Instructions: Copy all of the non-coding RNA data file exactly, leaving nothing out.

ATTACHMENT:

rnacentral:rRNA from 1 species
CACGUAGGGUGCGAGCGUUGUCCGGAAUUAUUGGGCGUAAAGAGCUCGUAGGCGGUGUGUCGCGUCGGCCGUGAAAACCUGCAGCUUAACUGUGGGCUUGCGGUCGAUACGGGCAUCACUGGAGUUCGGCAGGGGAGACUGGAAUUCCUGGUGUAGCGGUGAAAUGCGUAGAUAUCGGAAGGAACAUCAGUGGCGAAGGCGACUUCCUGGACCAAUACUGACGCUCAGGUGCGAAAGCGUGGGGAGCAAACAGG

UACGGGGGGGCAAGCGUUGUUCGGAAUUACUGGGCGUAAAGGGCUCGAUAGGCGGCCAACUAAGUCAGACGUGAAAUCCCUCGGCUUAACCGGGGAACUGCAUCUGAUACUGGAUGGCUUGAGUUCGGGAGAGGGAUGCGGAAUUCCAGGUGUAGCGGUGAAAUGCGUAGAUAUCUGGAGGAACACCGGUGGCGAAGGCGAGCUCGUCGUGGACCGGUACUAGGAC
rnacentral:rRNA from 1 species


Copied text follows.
rnacentral:rRNA from 1 species
CACGUAGGGUGCGAGCGUUGUCCGGAAUUAUUGGGCGUAAAGAGCUCGUAGGCGGUGUGUCGCGUCGGCCGUGAAAACCUGCAGCUUAACUGUGGGCUUGCGGUCGAUACGGGCAUCACUGGAGUUCGGCAGGGGAGACUGGAAUUCCUGGUGUAGCGGUGAAAUGCGUAGAUAUCGGAAGGAACAUCAGUGGCGAAGGCGACUUCCUGGACCAAUACUGACGCUCAGGUGCGAAAGCGUGGGGAGCAAACAGG

UACGGGGGGGCAAGCGUUGUUCGGAAUUACUGGGCGUAAAGGGCUCGAUAGGCGGCCAACUAAGUCAGACGUGAAAUCCCUCGGCUUAACCGGGGAACUGCAUCUGAUACUGGAUGGCUUGAGUUCGGGAGAGGGAUGCGGAAUUCCAGGUGUAGCGGUGAAAUGCGUAGAUAUCUGGAGGAACACCGGUGGCGAAGGCGAGCUCGUCGUGGACCGGUACUAGGAC
rnacentral:rRNA from 1 species